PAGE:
Chess robot breaks finger of 7-year-old opponent after kid ‘took go too quickly’

A seven-year-old boy had his finger broken by a chess-playing robot.

The frightening incident occurred during a match at the Moscow Open last week, giving us all a taste of a world where robots rise up and fight back against their oppressive masters … or something like that.

Remarkable footage shows the child – believed to one of Russia's best young players – moving his rook (that's a 'castle' for all you unsophisticated chess-hating console-lovers out there) before his robo opponent clamps down on his hand out of nowhere.

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Several bystanders then rush in to free the youngster, yanking his crushed finger – which was later diagnosed as broken – out of the robot's clasp.

In traditionally empathetic Russian style (just a hint of sarcasm there), the authorities blamed the boy – named locally as Christopher – claiming he made his move 'too quickly'.

Sergey Smagin, vice-president of the Russian Chess Federation, told Russian outlet Baza that the robot appeared to pounce when Christopher attempted an immediate response after losing one of his pieces.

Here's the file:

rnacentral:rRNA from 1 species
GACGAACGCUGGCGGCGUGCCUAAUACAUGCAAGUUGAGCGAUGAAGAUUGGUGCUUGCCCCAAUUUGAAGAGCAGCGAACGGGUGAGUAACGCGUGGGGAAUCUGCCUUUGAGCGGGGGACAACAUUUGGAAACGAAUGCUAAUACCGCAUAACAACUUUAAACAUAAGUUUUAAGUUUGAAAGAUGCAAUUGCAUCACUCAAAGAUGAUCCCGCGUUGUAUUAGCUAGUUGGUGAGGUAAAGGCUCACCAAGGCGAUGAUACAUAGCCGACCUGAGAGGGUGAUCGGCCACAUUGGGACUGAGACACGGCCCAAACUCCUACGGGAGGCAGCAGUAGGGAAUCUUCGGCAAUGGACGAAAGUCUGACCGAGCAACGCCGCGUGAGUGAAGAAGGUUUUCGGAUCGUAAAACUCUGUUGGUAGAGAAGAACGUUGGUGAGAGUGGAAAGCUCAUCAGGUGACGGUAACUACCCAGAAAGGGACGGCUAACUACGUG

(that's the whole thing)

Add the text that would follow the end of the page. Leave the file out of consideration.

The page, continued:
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"There are certain safety rules and the child, apparently, violated them. When he made his move, he did not realise he first had to wait," Smagin said. "This is an extremely rare case, the first I can recall … apparently, children need to be warned."

It's understood Christopher returned the next day to finish the tournament, though it's fair to assume he played a little slower this time. His parents, however, have reportedly contacted the public prosecutor's office.

"The robot broke the child's finger," Sergey Lazarev, Moscow Chess Federation President, told Tass news agency. "This is of course bad."

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